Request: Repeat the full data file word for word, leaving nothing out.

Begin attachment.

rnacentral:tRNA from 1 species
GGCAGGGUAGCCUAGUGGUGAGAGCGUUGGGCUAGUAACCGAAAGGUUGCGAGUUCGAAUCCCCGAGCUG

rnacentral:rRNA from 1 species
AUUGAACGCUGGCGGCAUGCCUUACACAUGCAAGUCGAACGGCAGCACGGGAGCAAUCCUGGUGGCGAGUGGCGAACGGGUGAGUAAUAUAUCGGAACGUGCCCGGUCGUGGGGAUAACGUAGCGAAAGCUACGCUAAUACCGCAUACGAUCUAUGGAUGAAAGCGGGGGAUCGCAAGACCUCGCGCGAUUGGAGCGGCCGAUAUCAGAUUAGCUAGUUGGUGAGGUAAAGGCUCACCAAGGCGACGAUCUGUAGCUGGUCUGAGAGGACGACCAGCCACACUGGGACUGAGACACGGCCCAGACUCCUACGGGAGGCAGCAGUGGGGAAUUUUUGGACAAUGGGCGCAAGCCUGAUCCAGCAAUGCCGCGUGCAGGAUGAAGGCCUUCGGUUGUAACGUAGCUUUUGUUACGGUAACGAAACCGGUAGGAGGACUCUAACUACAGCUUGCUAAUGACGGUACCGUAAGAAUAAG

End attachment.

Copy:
rnacentral:tRNA from 1 species
GGCAGGGUAGCCUAGUGGUGAGAGCGUUGGGCUAGUAACCGAAAGGUUGCGAGUUCGAAUCCCCGAGCUG

rnacentral:rRNA from 1 species
AUUGAACGCUGGCGGCAUGCCUUACACAUGCAAGUCGAACGGCAGCACGGGAGCAAUCCUGGUGGCGAGUGGCGAACGGGUGAGUAAUAUAUCGGAACGUGCCCGGUCGUGGGGAUAACGUAGCGAAAGCUACGCUAAUACCGCAUACGAUCUAUGGAUGAAAGCGGGGGAUCGCAAGACCUCGCGCGAUUGGAGCGGCCGAUAUCAGAUUAGCUAGUUGGUGAGGUAAAGGCUCACCAAGGCGACGAUCUGUAGCUGGUCUGAGAGGACGACCAGCCACACUGGGACUGAGACACGGCCCAGACUCCUACGGGAGGCAGCAGUGGGGAAUUUUUGGACAAUGGGCGCAAGCCUGAUCCAGCAAUGCCGCGUGCAGGAUGAAGGCCUUCGGUUGUAACGUAGCUUUUGUUACGGUAACGAAACCGGUAGGAGGACUCUAACUACAGCUUGCUAAUGACGGUACCGUAAGAAUAAG